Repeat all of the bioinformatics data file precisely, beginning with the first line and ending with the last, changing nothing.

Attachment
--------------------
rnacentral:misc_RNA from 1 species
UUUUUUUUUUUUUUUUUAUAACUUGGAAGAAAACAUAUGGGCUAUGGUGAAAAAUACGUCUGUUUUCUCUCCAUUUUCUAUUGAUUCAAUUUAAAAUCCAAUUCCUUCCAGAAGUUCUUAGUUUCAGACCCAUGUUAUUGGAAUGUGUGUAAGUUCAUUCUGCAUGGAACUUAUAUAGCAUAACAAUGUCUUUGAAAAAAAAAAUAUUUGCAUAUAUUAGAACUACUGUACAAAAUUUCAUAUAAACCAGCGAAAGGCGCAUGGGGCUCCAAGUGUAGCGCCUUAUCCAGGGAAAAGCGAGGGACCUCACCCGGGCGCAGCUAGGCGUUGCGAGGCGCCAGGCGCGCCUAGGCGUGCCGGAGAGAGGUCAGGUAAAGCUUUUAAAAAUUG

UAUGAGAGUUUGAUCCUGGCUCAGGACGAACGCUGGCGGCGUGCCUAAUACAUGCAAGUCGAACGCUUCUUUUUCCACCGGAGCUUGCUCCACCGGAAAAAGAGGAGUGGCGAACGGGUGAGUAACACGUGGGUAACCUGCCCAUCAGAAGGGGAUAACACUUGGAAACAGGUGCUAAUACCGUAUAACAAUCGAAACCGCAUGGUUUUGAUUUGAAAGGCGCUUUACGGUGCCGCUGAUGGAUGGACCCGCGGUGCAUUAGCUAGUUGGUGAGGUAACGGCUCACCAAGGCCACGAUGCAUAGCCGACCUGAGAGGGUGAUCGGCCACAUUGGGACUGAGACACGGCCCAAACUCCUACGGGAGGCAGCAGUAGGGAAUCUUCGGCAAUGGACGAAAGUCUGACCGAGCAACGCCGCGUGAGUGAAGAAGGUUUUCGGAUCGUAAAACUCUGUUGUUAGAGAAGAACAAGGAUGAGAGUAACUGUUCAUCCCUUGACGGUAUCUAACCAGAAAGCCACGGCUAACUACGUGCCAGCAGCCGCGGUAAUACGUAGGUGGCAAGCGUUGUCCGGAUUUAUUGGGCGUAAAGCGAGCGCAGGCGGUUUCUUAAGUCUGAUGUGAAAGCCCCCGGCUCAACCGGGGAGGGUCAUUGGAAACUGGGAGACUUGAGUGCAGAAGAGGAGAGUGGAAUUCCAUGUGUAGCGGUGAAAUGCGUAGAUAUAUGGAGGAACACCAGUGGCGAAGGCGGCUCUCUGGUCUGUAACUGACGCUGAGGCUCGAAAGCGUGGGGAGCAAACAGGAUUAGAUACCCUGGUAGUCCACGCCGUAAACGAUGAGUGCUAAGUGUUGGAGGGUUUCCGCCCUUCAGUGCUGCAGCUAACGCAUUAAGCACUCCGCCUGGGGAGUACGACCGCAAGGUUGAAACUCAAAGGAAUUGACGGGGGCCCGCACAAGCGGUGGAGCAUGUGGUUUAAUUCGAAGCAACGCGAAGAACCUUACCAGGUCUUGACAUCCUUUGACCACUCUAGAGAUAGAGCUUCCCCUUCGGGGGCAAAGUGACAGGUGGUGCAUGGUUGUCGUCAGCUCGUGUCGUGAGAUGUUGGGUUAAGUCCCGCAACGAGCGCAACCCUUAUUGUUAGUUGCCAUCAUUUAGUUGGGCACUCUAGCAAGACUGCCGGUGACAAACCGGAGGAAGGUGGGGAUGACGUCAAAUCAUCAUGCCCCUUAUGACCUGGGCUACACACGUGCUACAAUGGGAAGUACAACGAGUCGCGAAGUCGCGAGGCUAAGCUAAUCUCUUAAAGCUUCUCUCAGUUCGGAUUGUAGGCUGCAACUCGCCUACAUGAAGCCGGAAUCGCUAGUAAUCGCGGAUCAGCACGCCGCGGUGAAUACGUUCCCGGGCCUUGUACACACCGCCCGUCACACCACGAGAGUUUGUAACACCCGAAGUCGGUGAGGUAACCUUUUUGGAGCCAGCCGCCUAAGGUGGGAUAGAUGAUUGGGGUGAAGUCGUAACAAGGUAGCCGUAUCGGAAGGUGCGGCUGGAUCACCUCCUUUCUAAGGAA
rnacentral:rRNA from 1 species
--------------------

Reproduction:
rnacentral:misc_RNA from 1 species
UUUUUUUUUUUUUUUUUAUAACUUGGAAGAAAACAUAUGGGCUAUGGUGAAAAAUACGUCUGUUUUCUCUCCAUUUUCUAUUGAUUCAAUUUAAAAUCCAAUUCCUUCCAGAAGUUCUUAGUUUCAGACCCAUGUUAUUGGAAUGUGUGUAAGUUCAUUCUGCAUGGAACUUAUAUAGCAUAACAAUGUCUUUGAAAAAAAAAAUAUUUGCAUAUAUUAGAACUACUGUACAAAAUUUCAUAUAAACCAGCGAAAGGCGCAUGGGGCUCCAAGUGUAGCGCCUUAUCCAGGGAAAAGCGAGGGACCUCACCCGGGCGCAGCUAGGCGUUGCGAGGCGCCAGGCGCGCCUAGGCGUGCCGGAGAGAGGUCAGGUAAAGCUUUUAAAAAUUG

UAUGAGAGUUUGAUCCUGGCUCAGGACGAACGCUGGCGGCGUGCCUAAUACAUGCAAGUCGAACGCUUCUUUUUCCACCGGAGCUUGCUCCACCGGAAAAAGAGGAGUGGCGAACGGGUGAGUAACACGUGGGUAACCUGCCCAUCAGAAGGGGAUAACACUUGGAAACAGGUGCUAAUACCGUAUAACAAUCGAAACCGCAUGGUUUUGAUUUGAAAGGCGCUUUACGGUGCCGCUGAUGGAUGGACCCGCGGUGCAUUAGCUAGUUGGUGAGGUAACGGCUCACCAAGGCCACGAUGCAUAGCCGACCUGAGAGGGUGAUCGGCCACAUUGGGACUGAGACACGGCCCAAACUCCUACGGGAGGCAGCAGUAGGGAAUCUUCGGCAAUGGACGAAAGUCUGACCGAGCAACGCCGCGUGAGUGAAGAAGGUUUUCGGAUCGUAAAACUCUGUUGUUAGAGAAGAACAAGGAUGAGAGUAACUGUUCAUCCCUUGACGGUAUCUAACCAGAAAGCCACGGCUAACUACGUGCCAGCAGCCGCGGUAAUACGUAGGUGGCAAGCGUUGUCCGGAUUUAUUGGGCGUAAAGCGAGCGCAGGCGGUUUCUUAAGUCUGAUGUGAAAGCCCCCGGCUCAACCGGGGAGGGUCAUUGGAAACUGGGAGACUUGAGUGCAGAAGAGGAGAGUGGAAUUCCAUGUGUAGCGGUGAAAUGCGUAGAUAUAUGGAGGAACACCAGUGGCGAAGGCGGCUCUCUGGUCUGUAACUGACGCUGAGGCUCGAAAGCGUGGGGAGCAAACAGGAUUAGAUACCCUGGUAGUCCACGCCGUAAACGAUGAGUGCUAAGUGUUGGAGGGUUUCCGCCCUUCAGUGCUGCAGCUAACGCAUUAAGCACUCCGCCUGGGGAGUACGACCGCAAGGUUGAAACUCAAAGGAAUUGACGGGGGCCCGCACAAGCGGUGGAGCAUGUGGUUUAAUUCGAAGCAACGCGAAGAACCUUACCAGGUCUUGACAUCCUUUGACCACUCUAGAGAUAGAGCUUCCCCUUCGGGGGCAAAGUGACAGGUGGUGCAUGGUUGUCGUCAGCUCGUGUCGUGAGAUGUUGGGUUAAGUCCCGCAACGAGCGCAACCCUUAUUGUUAGUUGCCAUCAUUUAGUUGGGCACUCUAGCAAGACUGCCGGUGACAAACCGGAGGAAGGUGGGGAUGACGUCAAAUCAUCAUGCCCCUUAUGACCUGGGCUACACACGUGCUACAAUGGGAAGUACAACGAGUCGCGAAGUCGCGAGGCUAAGCUAAUCUCUUAAAGCUUCUCUCAGUUCGGAUUGUAGGCUGCAACUCGCCUACAUGAAGCCGGAAUCGCUAGUAAUCGCGGAUCAGCACGCCGCGGUGAAUACGUUCCCGGGCCUUGUACACACCGCCCGUCACACCACGAGAGUUUGUAACACCCGAAGUCGGUGAGGUAACCUUUUUGGAGCCAGCCGCCUAAGGUGGGAUAGAUGAUUGGGGUGAAGUCGUAACAAGGUAGCCGUAUCGGAAGGUGCGGCUGGAUCACCUCCUUUCUAAGGAA
rnacentral:rRNA from 1 species